Kremlin Letter, The Review

John Huston's career diverged wildly between projects he was desperately in love with - The Treasure of the Sierra Madre, Wise Blood, The Dead - those which he did efficiently and for the money - Key Largo, Heaven Knows Mr Allison, The List of Adrian Messenger - and ones in which he seemed to have no interest whatsoever - The Barbarian and the Geisha, Phobia, Annie. Dating from 1970, The Kremlin Letter fits firmly into the second category, with Huston largely on auto-pilot but obviously having some fun with the guest star cameos and the ridiculously convoluted plot in which a group of cynical old spies persuade a young officer to go to Russia to get hold of a letter which could, if discovered, precipitate World War Three.

The Kremlin Letter belongs to a sub-genre of the spy movie which might best be described as a reaction against the success of the Bond films. These films deliberately deglamourised the spying game and aimed to reveal it in all its squalid and sometimes unfortunately tedious reality. Some of these anti-Bond films are more successful than others - the best is almost certainly The Spy Who Came In From The Cold - and Huston's film, while a bit of a muddled mess in places, is one of the better ones. The plot doesn't quite stand up to scrutiny but what matters is the memorably chilly atmosphere which is beautifully caught by Edward Scaife's photography. This is a bleak and cruel world in which morality is hopelessly muddied by circumstance. There are a couple of particularly good set-pieces illustrating this; the first is a monologue by a surprisingly restrained Orson Welles; the second is an assassination which is shot in a way I haven't seen before with the camera staying solidly on the killer throughout as his quarry walks in and out of frame.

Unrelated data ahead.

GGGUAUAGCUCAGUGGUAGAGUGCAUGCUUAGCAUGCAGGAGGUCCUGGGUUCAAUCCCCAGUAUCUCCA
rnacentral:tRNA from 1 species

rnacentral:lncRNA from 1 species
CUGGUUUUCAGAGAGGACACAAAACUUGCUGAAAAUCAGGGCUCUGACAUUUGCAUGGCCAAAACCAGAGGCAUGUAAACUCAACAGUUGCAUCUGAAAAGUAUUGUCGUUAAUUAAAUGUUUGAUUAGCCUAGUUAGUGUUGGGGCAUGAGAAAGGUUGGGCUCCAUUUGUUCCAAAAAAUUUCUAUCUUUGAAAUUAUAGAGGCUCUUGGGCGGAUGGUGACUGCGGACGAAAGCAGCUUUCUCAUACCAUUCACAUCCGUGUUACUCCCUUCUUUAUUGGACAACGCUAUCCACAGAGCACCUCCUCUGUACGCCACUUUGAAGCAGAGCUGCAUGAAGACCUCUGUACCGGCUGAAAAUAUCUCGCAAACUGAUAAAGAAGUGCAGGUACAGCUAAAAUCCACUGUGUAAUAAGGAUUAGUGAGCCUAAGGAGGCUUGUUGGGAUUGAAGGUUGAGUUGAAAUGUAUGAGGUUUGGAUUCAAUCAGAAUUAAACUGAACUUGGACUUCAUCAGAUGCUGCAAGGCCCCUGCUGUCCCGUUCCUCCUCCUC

The weakest link in the film is Patrick O'Neal's performance as the hero. A limited actor, O'Neal has difficulty projecting any kind of emotion, which may be appropriate, but nor does he manage to interest us in the character. Fortunately, flitting around him is one of the all-time great supporting casts. There are memorable bits from all manner of familiar faces ranging from George Sanders to Nigel Green. Best of all, there is a marvellous performance from Richard Boone as a cold, sadistic killer who gets all the best lines.

Eureka's disc of The Kremlin Letter is generally very pleasing. The anamorphic 2.35:1 transfer is crisp and detailed and the colours are good. There are no problems with the mono soundtrack which serves the dialogue - and there is a lot of dialogue - very well.

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